Declan Cassidy, Community Manager at MakerClub sits down with Your Ready Business and talks about the importance of unlocking talent in our young people by teaching them about the internet of things and robotics early on.
We are in the grips of a skills crisis.
According to Engineering UK we need another 100,000 skilled workers by 2022 to satisfy the ever-growing demand from employers. The country desperately needs more designers, more scientists and more creative superstars to keep on innovating new stuff so the economic gears can keep grinding.
One of the major problems is that the world is changing so damn fast. The US department of labour wrote a report in 2013 suggesting that when current primary school kids are of working age, 65% of them will be working in jobs that don’t even exist yet!
The question is, how can we prepare young people so that they are versatile enough for this open-ended future, especially considering the fact we can barely cater for the skill needs of today?
In ‘Future Jobs: Solving the Employment and Skills Crisis’, Ed Gordon suggests that the four key areas of work creation will be ‘3D printing, advanced robotics, Nano science and Big Data’.
Barring a few exceptions, UK secondary schools are not teaching anything that even approaches these ideas. The current system is simply not preparing the next generation for the huge changes that lie ahead, and in my opinion, it’s the wider society that will pay the price.
The UK risks falling behind in both the creative and digital realms; toppling us from our spot as a global leader in these industries and potentially costing us billions.
While some could argue that school equipment isn’t good enough or that teachers are too stretched, I believe the problems are much more complicated than that. Our schooling system hasn’t been significantly changed in over 150 years and the disparity between school and the world of work is in many ways, worse than it’s ever been.
Pick em’, Pack em’ and Ship em’
Businesses want creative, innovative and inspirational communicators, ‘doers’ who are versed in digital and know how to build game changing products, quickly (not asking much, eh?).
Schools do not teach these dynamic skills and in a siloed educational system this lack of connection to the real world is compounded. We need to start thinking about context and cross-curricular learning, just like we do in real life.
To get a better idea of why schools are the way they are, I suggest you go watch the brilliant English author, speaker and international advisor on education Ken Robinson in action. His ideas show how today’s prevailing education system was actually built to satisfy the demands of the Industrial Revolution, churning out kids with basic, general skills that could put them to work in the factories faster.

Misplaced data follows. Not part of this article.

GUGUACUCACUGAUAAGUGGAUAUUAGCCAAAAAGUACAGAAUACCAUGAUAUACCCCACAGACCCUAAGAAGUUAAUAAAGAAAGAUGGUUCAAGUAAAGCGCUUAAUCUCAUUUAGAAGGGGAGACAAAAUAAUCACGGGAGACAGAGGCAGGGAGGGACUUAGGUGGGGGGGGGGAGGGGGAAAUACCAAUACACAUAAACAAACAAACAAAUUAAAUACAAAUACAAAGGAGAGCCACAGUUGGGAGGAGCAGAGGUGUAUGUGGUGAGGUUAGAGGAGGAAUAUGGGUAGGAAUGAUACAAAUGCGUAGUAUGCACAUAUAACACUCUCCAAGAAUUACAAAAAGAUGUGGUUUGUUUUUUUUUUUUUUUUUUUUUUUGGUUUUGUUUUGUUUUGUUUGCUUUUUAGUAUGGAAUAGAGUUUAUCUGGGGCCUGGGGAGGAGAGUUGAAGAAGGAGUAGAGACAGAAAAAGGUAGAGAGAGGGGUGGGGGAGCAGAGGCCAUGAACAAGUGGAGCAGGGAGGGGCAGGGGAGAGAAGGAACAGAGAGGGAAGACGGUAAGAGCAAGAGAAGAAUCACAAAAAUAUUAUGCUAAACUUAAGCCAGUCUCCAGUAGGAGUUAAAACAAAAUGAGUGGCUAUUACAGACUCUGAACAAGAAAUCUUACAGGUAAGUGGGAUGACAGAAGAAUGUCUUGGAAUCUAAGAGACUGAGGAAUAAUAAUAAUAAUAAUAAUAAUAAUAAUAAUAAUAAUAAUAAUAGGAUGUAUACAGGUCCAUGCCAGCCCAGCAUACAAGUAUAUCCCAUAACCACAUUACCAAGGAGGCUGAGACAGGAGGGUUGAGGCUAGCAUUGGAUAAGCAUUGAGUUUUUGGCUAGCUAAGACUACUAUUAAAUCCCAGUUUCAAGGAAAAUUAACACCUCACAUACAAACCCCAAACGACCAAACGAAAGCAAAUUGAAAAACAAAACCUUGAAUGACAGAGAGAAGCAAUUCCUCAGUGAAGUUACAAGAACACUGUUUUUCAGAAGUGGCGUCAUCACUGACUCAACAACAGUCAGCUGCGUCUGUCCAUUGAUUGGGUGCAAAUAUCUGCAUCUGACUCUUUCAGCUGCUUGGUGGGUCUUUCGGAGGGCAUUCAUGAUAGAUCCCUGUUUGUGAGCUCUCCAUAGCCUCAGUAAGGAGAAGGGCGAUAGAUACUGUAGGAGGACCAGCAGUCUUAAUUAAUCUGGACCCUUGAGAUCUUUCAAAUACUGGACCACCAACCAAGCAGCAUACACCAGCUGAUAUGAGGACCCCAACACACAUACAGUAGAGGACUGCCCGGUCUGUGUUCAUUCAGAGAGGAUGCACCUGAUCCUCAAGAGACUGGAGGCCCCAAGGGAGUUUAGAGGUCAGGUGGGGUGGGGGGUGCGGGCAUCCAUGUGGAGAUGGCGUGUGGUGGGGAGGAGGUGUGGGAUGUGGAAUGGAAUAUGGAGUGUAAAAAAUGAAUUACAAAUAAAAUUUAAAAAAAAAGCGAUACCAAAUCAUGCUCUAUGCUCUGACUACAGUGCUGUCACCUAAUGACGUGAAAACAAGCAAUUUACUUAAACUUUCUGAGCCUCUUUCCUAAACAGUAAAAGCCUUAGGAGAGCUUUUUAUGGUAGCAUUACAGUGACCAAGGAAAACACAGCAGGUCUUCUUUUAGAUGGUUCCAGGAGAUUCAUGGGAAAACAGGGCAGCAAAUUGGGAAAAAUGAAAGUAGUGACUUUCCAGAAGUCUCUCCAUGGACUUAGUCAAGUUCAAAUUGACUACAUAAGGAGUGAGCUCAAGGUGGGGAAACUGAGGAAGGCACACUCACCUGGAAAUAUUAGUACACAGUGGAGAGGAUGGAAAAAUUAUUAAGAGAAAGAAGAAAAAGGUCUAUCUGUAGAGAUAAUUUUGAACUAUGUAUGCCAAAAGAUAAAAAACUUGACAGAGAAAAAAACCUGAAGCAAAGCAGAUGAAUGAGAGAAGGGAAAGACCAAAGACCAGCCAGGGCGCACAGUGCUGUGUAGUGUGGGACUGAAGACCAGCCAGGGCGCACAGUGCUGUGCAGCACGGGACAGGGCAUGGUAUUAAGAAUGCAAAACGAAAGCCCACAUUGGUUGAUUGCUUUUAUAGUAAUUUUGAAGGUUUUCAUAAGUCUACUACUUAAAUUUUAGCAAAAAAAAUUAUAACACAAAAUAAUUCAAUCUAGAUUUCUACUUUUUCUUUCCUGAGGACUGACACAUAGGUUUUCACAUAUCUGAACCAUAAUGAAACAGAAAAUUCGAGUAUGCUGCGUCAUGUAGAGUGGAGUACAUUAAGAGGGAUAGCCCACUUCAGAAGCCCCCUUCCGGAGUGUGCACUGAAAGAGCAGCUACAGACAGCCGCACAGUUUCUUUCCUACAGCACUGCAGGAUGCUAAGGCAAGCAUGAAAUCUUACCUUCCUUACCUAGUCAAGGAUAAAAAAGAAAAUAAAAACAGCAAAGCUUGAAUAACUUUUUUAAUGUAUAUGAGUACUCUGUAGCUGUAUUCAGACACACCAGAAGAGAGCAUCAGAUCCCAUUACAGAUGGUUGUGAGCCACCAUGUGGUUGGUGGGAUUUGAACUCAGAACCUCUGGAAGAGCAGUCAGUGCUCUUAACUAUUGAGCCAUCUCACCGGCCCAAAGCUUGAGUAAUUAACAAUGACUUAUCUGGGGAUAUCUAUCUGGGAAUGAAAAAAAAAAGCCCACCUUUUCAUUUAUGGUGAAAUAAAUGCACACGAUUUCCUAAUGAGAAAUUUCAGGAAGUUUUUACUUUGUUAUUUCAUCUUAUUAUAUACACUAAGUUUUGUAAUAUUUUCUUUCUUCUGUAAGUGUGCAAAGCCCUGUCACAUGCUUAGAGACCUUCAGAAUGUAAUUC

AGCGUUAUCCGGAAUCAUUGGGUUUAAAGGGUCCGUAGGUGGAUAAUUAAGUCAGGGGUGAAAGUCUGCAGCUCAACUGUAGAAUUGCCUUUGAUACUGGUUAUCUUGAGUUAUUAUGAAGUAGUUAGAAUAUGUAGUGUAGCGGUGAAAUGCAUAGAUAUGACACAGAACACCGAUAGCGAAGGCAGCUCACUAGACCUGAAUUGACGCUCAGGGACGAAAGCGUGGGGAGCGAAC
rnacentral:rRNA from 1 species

Times have drastically changed, but the general ideas behind this remain the same. ‘Pick em’, pack em’ and ship em’, rather than creating a system that fosters a love of learning. In an age where all information is accessible at any time, we need technology to engage and develop creativity, allowing teachers to become facilitators and guides, rather than the keepers of all knowledge.
We need to do more to make school more like the real world and we need to do fast!
A New Hope
Just as the Industrial Revolution forced governments to reform education 150 years ago, so will the digital revolution change the education system of today.
A NESTA survey from their Young Digital Makers report showed that ‘84% of young people enjoy digital making’.
Young people love STEM (Science, Technology, Engineering and Mathematics). The key is to make it relevant – ‘makerspaces’ are doing this in small pockets around the country as the ‘Maker Movement’ ethos of DIY, sharing of knowledge and iterative development takes hold in wider society (‘The Maker Movement’ was the top toy trend of 2015!).
Schemes like My Kind of Futures which gets large business creating challenges for school leavers, are great examples of how companies and individuals can connect. Should more businesses work directly with schools to offer engaging challenges that involve getting young people to think in the kind of ways that businesses need? I think so!
New qualifications like AQA’s Tech Levels are taking STEM and giving it context in the workplace. Even, City and Guilds, who are classically the old guard of apprenticeships are getting a facelift with the announcement of their Open Badge Academy. This is based on Mozilla’s digital badging framework, offering instant accreditation for actions taken online. This is being created in conjunction with Intel and Samsung, allowing people to learn industry level skills on their home computer.
Makers of Tomorrow
Amazingly only 3% of global learning is delivered digitally, we think this is where the huge opportunity lies. Home and e-learning is expanding at breakneck speed and has the ability to be reactive enough to make changes that schools simply can’t implement due to their size and governmental oversight.
While e-learning alone is not the answer, digital delivery has the ability to create personalised educational experiences that can connect with users own interests and get them hooked on learning stuff!
We need a massive shift in how people are taught, a shift that reflects how human beings learn. By connecting business needs, a mix of real human interaction, digital delivery and simple trust in a young person’s desire to learn things they care about, we can help foster the makers of tomorrow.
Learn more about Declan and MakerClub here.